& Point: Are we prepared for the future doctor visit? Nat. Biotechnol. 29, 215–218 (2011).

  20. 20.

    et al. PennCNV: an integrated hidden Markov model designed for high-resolution copy number variation detection in whole-genome SNP genotyping data. Genome Res. 17, 1665–1674 (2007).

  21. 21.

    et al. Missing value estimation methods for DNA microarrays. Bioinformatics 17, 520–525 (2001).

  22. 22.

    , , , & Unsupervised metric fusion by cross diffusion. in Proc. IEEE Comput. Soc. Conf. Comput. Vis. Pattern Recognit. 2997–3004 (IEEE, 2012).

  23. 23.

    , & On spectral clustering: analysis and an algorithm. Adv. Neural Inf. Process. Syst. 2, 849–856 (2002).

  24. 24.

    & Towards efficient hierarchical designs by ratio cut partitioning. in Proc. Int. Conf. Computer-Aided Design 298–301 (ICCAD, 1989).

  25. 25.

    A tutorial on spectral clustering. Stat. Comput. 17, 395–416 (2007).

  26. 26.

    et al. Network-based survival analysis reveals subnetwork signatures for predicting outcomes of ovarian cancer treatment. PLoS Comput. Biol. 9, e1002975 (2013).

Download references

Acknowledgements

This study used data generated by TCGA and METABRIC; we thank TCGA, the Cancer Research UK and the British Columbia Cancer Agency Branch for sharing these invaluable data with the scientific community. We thank N. Jabado, M. Wilson and J. Rommens for feedback on the manuscript, and B. Sousa for help with the figures. This study was partially funded by the Government of Canada through Genome Canada and the Ontario Genomics Institute (OGI-068) to M.B.; A.G. is funded by the SickKids Research Institute. Z.T. was supported by NSF IIS-1360568.

Author information

Author notes

    • Bo Wang
    •  & Benjamin Haibe-Kains

    Present addresses: Department of Computer Science, Stanford University, Stanford, California, USA (B.W.). and Ontario Cancer Institute, Princess Margaret Cancer Centre—University Health Network, Toronto, Ontario, Canada (B.H.-K.).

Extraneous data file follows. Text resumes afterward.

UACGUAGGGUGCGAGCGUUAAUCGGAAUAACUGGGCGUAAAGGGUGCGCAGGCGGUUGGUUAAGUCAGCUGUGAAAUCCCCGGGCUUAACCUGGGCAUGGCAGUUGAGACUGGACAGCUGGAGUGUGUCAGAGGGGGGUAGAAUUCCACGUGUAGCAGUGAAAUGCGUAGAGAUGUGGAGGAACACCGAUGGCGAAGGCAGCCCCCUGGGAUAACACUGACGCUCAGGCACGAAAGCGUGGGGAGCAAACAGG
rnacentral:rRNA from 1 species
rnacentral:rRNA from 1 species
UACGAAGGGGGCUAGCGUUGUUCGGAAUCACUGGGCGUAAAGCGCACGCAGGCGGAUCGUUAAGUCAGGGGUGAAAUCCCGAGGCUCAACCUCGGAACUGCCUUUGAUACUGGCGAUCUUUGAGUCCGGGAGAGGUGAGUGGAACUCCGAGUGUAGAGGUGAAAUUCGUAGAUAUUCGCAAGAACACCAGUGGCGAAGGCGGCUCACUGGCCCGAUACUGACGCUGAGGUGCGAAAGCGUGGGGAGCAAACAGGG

Affiliations

  1. Genetics and Genome Biology, SickKids Research Institute, Toronto, Ontario, Canada.

    • Bo Wang
    • , Aziz M Mezlini
    • , Feyyaz Demir
    • , Michael Brudno
    •  & Anna Goldenberg
  2. Department of Computer Science, University of Toronto, Toronto, Ontario, Canada.

    • Aziz M Mezlini
    • , Feyyaz Demir
    • , Marc Fiume
    • , Michael Brudno
    •  & Anna Goldenberg
  3. Department of Cognitive Science, University of California San Diego, San Diego, California, USA.

    • Zhuowen Tu
  4. Institut de Recherches Cliniques de Montréal, Université de Montréal, Montréal, Quebec, Canada.

    • Benjamin Haibe-Kains

Authors

  1. Search for Bo Wang in:

  2. Search for Aziz M Mezlini in:

  3. Search for Feyyaz Demir in:

  4. Search for Marc Fiume in:

  5. Search for Zhuowen Tu in:

  6. Search for Michael Brudno in:

  7. Search for Benjamin Haibe-Kains in:

  8. Search for Anna Goldenberg in:

Contributions

B.W. and A.G. conceived of and designed the approach. B.W. performed the data analysis, implemented the method in Matlab and performed all computational experiments. A.M.M. performed data preparation. F.D. wrote the R code that is distributed with the paper. M.F. assisted with network visualization and analysis. Z.T. helped with method design and theoretical framework. B.H.-K. assisted in preparation and analysis of the METABRIC data. B.W., M.B. and A.G. wrote the manuscript.

Competing interests

The authors declare no competing financial interests.

Corresponding author

Correspondence to Anna Goldenberg.

Supplementary information

PDF files

  1. 1.

    Supplementary Text and Figures

    Supplementary Figures 1–20, Supplementary Table 1, Supplementary Notes 1 –3 and Supplementary Results

Zip files

  1. 1.

    Supplementary Software

    Similarity Network Fusion for aggregating multiple data types

  2. 2.

    Supplementary Data

    TCGA cancer datasets after pre-processing

About this article

Publication history

Received

Accepted

Published

DOI

https://doi.org/10.1038/nmeth.2810